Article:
(COLUMBIA, Tenn. – Dec. 3, 2018) - - - Columbia State Community College radiologic technology students recently attended the Tennessee Society of Radiologic Technologists 80th Annual Educational Conference where they placed first in the student bowl competition.
“The TSRT Student Bowl allows students to test their knowledge against peers from other Tennessee programs and confirms Columbia State’s rad tech students are the best of the best,” said Dr. Kae Fleming, dean of the Health Sciences Division. “The timing of the annual fall competition is perfect for kindling the fire for May graduates to keep learning and growing all the way to completion.”
“We enjoyed getting to know each other better at TSRT this year,” said Laura Wheeler Columbia State rad tech student. “It was interesting to meet students from other colleges in Tennessee and we enjoyed the wide variety of topics related to radiology. The highlight of the conference was the very competitive student bowl. Our two Columbia State teams went head-to-head in the semi-final round. One team went on to win the entire competition.”
In addition to the competition, the students attended multiple hour-long educational sessions.
“Life-long learning is a quality we wish to ingrain in the students,” said M. Rose Hobby, Columbia State assistant professor of radiologic technology. “As radiographers, we obtain continuing education credit for participating in these meetings. We hope that exposing the students to these opportunities helps them become active members of the profession later on.”
TSRT conferences provide opportunities for students to network, socialize and stay informed about what is happening in the profession.
“When students attend conferences of this type it gives them the opportunity to network with students from other programs across the state as well as experienced radiographers,” said Nancy Hopper, Columbia State program director and associate professor of radiologic technology. “Relevant topics discussed included challenges healthcare workers face, how to maintain professionalism in the workplace, and advances in medical imaging.”
Following the conference, Fleming kept the extra learning opportunities going by organizing a guest speaker for the students in honor of National Rad Tech Week and the 123rd anniversary of the discovery of x-ray photons. Dr. Stewart Bushong, Baylor College of Medicine professor of radiology, joined the students remotely via Zoom, an online video conferencing service, to present “Normalization of Deviance.” Bushong, an award winning author, lecturer and radiation physics pioneer, is considered a pillar in the profession and is the author of the current rad tech textbook used by the college.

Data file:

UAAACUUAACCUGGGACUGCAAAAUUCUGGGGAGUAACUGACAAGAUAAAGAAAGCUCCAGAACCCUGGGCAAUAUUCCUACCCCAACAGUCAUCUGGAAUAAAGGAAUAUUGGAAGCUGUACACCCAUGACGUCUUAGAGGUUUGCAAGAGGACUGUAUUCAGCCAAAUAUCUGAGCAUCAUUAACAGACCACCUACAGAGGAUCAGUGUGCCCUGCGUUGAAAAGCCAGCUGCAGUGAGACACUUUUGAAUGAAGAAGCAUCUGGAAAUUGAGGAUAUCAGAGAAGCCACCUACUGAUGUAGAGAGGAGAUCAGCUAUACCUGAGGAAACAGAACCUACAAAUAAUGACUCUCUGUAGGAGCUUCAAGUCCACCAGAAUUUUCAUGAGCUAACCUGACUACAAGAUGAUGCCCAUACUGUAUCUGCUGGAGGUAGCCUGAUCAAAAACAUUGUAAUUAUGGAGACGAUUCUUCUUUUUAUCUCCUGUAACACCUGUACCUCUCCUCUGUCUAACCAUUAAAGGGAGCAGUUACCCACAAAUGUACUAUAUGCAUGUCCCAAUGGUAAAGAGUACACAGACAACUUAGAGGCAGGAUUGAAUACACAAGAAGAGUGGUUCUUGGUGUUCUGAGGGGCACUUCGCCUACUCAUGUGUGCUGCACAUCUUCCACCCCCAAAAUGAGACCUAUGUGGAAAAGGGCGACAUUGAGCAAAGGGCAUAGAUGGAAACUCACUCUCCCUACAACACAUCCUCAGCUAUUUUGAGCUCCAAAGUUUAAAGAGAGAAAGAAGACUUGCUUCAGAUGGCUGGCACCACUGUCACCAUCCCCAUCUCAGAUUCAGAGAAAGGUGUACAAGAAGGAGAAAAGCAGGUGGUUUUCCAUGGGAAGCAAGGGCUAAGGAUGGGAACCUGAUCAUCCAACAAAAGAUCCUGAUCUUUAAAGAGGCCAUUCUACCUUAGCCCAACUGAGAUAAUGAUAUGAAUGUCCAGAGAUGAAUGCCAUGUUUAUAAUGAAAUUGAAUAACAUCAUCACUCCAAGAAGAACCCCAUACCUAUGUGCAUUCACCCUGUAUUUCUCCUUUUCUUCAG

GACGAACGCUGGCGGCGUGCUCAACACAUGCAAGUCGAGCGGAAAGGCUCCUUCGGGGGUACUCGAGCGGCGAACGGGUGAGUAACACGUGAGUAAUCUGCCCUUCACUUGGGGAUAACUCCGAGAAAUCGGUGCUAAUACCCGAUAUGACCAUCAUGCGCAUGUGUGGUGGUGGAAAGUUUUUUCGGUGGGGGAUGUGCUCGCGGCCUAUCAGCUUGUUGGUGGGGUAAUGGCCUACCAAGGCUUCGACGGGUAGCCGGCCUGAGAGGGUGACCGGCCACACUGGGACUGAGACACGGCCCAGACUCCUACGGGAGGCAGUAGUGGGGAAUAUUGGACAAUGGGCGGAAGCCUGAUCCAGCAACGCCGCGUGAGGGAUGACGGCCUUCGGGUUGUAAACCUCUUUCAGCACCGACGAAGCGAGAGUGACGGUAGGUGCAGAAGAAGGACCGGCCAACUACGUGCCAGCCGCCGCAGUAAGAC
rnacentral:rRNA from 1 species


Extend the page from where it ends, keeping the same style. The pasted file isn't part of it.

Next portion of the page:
“Arrangements like this make it possible to overcome busy schedules and distance,” Fleming said. “With the technology, fellow students and faculty members from Chattanooga State Community College and Jackson State Community College were able to attend virtually and interact with a legend in our field.”
Rad tech is a health profession that involves producing diagnostic images of patient’s internal structures for use by the radiologist or referring physician in diagnosing medical problems and disorders. As a professional, the radiographer is required to observe the ethical and professional standards expected of all persons involved in caring for patients in healthcare settings. Students can earn an Associate of Applied Science degree from Columbia State.
The college’s 24-month program prepares graduates for the national registry examination in radiography administered by the American Registry of Radiologic Technologists – the board licensure exam is required in order to secure employment. For 2018, 100 percent of Columbia State’s rad tech graduates passed the credentialing exam on the first attempt; the five-year average first-attempt pass rate for Columbia State is 95 percent, which is above the five-year national average pass rate of 89 percent.
For more information about the program, contact Nancy Hopper, Columbia State program director and associate professor of radiologic technology at 931.540.2608, or visit www.ColumbiaState.edu/Radiologic-Technology.
Photo Caption: (Back row, left to right): Kasey Jo Turner, Thompson’s Station native and Columbia State rad tech student; Kayla Edmondson, Nolensville native and Columbia State rad tech student; Taylor Howell, Pulaski native and Columbia State rad tech student; Marissa Dunkin, Columbia State assistant clinical coordinator and assistant professor of radiologic technology; M. Rose Hobby, Columbia State assistant professor of radiologic technology; and Cheyenne Marks, Fairview native and Columbia State rad tech student. (Front row) Nancy Hopper, Columbia State program director and associate professor of radiologic technology.